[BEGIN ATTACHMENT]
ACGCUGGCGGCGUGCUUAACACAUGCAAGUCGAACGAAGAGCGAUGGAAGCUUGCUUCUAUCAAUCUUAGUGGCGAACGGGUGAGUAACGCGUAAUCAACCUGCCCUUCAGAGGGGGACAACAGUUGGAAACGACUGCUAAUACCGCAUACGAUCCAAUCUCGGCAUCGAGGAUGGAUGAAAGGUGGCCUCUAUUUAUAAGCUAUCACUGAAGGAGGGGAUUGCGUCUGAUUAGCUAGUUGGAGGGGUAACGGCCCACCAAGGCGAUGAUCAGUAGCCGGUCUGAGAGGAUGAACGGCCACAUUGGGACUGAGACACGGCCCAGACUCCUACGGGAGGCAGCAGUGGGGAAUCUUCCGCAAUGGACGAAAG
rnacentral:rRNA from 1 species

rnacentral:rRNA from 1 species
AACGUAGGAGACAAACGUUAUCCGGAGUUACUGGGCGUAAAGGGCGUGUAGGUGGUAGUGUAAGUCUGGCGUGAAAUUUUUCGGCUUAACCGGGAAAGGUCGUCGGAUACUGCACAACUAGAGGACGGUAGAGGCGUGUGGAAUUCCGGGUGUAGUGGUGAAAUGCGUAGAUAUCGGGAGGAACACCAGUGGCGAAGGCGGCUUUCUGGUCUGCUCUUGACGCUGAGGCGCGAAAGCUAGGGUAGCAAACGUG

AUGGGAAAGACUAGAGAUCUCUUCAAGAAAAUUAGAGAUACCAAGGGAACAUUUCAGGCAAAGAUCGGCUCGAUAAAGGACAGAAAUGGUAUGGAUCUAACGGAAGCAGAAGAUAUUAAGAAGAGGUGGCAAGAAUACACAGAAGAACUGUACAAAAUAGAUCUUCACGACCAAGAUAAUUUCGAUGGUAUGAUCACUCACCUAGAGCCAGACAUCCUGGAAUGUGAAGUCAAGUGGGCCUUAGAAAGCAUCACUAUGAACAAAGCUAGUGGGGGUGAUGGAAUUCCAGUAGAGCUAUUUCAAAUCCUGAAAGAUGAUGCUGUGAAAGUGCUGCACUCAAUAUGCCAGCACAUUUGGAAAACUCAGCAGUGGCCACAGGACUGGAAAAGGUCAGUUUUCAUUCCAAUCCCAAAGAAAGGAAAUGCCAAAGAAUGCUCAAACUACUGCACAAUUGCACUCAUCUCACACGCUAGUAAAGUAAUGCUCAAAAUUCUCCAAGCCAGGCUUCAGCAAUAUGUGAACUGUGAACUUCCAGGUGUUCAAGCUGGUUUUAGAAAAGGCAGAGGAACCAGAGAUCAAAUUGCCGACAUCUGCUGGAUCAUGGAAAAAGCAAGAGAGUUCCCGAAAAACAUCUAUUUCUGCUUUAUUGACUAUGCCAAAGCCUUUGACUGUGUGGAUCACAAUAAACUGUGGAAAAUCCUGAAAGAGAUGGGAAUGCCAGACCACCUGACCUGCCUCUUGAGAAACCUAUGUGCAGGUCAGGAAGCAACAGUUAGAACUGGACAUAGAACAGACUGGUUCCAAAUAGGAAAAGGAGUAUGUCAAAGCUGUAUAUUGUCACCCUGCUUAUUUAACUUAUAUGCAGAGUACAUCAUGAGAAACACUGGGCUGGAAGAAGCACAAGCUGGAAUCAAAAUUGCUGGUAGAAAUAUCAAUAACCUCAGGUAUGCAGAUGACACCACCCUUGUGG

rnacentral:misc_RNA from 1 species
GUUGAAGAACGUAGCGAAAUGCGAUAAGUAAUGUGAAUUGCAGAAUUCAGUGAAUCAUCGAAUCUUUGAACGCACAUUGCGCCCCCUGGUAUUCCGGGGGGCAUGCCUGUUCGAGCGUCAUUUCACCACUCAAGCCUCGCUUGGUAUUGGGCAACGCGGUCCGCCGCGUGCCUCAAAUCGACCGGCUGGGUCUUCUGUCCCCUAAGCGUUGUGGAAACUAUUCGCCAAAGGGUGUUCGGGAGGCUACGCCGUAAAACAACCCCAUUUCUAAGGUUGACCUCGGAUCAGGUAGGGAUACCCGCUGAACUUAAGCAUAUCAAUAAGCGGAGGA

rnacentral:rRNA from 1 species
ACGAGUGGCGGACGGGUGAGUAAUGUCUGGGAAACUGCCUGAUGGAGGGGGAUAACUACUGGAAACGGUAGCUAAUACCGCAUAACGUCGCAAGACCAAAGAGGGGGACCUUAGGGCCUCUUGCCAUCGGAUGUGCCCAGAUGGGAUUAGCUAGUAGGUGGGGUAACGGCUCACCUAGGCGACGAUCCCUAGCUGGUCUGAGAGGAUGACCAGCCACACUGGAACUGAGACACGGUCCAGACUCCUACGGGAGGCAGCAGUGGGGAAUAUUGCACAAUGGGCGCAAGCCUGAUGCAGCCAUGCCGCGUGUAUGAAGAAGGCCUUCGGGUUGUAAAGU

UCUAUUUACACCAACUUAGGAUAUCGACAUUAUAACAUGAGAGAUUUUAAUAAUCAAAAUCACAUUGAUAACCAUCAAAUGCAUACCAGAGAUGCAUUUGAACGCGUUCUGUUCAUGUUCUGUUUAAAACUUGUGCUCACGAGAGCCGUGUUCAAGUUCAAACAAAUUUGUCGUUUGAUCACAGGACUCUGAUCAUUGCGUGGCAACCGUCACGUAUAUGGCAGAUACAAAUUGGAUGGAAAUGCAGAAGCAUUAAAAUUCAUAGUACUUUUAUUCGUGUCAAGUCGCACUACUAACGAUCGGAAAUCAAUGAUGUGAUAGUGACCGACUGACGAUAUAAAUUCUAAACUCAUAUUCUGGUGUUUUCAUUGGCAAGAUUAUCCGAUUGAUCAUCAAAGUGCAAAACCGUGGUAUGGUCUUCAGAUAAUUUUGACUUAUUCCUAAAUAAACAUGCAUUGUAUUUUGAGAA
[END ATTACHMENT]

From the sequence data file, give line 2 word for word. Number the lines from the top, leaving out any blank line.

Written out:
rnacentral:rRNA from 1 species